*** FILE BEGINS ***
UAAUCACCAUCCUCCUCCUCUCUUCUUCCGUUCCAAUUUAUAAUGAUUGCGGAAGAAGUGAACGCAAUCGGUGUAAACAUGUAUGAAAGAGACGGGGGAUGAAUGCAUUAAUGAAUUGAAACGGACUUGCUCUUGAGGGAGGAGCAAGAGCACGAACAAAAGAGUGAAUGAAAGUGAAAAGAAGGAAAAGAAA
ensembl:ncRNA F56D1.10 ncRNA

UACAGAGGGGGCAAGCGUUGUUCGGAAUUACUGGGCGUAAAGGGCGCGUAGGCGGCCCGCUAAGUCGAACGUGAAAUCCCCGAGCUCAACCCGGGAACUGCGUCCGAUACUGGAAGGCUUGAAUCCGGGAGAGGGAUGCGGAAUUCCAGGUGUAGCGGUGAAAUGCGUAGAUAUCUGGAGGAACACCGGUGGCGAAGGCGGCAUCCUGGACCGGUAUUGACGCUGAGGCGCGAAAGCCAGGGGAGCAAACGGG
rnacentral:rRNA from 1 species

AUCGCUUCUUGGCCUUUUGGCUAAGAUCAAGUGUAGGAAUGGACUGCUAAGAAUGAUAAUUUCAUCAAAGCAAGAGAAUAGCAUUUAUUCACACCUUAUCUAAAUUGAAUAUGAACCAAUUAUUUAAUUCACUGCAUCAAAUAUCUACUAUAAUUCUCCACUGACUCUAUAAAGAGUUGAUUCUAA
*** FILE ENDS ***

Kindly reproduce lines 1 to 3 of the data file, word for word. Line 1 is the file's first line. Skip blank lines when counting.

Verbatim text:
UAAUCACCAUCCUCCUCCUCUCUUCUUCCGUUCCAAUUUAUAAUGAUUGCGGAAGAAGUGAACGCAAUCGGUGUAAACAUGUAUGAAAGAGACGGGGGAUGAAUGCAUUAAUGAAUUGAAACGGACUUGCUCUUGAGGGAGGAGCAAGAGCACGAACAAAAGAGUGAAUGAAAGUGAAAAGAAGGAAAAGAAA
ensembl:ncRNA F56D1.10 ncRNA

UACAGAGGGGGCAAGCGUUGUUCGGAAUUACUGGGCGUAAAGGGCGCGUAGGCGGCCCGCUAAGUCGAACGUGAAAUCCCCGAGCUCAACCCGGGAACUGCGUCCGAUACUGGAAGGCUUGAAUCCGGGAGAGGGAUGCGGAAUUCCAGGUGUAGCGGUGAAAUGCGUAGAUAUCUGGAGGAACACCGGUGGCGAAGGCGGCAUCCUGGACCGGUAUUGACGCUGAGGCGCGAAAGCCAGGGGAGCAAACGGG